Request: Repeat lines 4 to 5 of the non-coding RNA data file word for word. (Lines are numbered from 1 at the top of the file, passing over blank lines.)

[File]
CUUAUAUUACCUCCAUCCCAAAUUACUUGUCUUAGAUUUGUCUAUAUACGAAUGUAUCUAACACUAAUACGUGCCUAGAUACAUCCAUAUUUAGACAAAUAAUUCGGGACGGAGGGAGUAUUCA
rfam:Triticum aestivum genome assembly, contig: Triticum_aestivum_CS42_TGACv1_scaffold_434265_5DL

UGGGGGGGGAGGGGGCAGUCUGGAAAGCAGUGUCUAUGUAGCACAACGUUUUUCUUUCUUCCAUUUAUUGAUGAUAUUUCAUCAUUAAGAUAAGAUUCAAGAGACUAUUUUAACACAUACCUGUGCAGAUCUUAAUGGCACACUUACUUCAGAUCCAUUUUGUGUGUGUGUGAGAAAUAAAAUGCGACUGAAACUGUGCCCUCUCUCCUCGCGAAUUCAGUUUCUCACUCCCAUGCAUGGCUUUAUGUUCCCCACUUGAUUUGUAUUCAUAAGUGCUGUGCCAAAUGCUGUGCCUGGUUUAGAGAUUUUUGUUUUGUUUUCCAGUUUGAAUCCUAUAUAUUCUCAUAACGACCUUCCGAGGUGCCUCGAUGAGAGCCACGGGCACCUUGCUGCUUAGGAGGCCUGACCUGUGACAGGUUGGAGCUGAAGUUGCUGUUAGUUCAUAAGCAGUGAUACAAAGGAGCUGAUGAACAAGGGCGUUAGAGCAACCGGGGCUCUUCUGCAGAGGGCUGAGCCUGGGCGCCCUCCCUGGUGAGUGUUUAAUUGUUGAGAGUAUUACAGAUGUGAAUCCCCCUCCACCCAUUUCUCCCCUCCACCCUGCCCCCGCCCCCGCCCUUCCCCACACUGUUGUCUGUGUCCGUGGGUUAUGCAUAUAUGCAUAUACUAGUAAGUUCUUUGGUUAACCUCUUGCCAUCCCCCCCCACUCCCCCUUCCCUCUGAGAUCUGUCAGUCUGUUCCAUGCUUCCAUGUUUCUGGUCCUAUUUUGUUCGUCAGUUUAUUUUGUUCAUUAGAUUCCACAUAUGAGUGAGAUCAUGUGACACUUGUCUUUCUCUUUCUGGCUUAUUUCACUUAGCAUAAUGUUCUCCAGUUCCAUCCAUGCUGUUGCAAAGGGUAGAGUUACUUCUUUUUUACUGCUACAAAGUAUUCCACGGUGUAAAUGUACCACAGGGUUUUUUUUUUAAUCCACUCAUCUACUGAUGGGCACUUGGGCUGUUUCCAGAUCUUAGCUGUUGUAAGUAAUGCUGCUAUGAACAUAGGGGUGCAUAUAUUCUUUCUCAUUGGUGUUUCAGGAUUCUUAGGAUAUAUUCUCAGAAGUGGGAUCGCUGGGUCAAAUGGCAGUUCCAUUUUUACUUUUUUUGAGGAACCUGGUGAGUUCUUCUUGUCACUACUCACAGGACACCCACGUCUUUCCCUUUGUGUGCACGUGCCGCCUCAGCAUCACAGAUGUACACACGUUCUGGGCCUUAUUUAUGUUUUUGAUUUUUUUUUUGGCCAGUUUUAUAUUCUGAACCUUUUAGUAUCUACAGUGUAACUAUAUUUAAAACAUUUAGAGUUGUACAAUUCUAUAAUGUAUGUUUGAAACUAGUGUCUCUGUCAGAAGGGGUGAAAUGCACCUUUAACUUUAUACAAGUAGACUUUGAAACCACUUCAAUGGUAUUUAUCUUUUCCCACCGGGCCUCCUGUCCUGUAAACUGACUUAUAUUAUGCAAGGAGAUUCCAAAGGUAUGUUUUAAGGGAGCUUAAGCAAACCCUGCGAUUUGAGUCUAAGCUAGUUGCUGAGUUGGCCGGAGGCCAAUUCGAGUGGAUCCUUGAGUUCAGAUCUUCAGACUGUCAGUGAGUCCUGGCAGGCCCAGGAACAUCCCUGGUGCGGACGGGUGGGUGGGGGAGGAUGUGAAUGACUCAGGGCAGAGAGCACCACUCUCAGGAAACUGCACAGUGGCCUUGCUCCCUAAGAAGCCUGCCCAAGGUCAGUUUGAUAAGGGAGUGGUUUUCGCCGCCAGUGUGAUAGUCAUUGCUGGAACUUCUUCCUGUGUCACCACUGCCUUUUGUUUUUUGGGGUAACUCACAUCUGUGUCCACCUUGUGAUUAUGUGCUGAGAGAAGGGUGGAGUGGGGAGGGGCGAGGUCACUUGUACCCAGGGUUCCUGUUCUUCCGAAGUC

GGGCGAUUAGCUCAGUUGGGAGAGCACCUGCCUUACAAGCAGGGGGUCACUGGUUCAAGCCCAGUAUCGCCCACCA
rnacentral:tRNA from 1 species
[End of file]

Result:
GGGCGAUUAGCUCAGUUGGGAGAGCACCUGCCUUACAAGCAGGGGGUCACUGGUUCAAGCCCAGUAUCGCCCACCA
rnacentral:tRNA from 1 species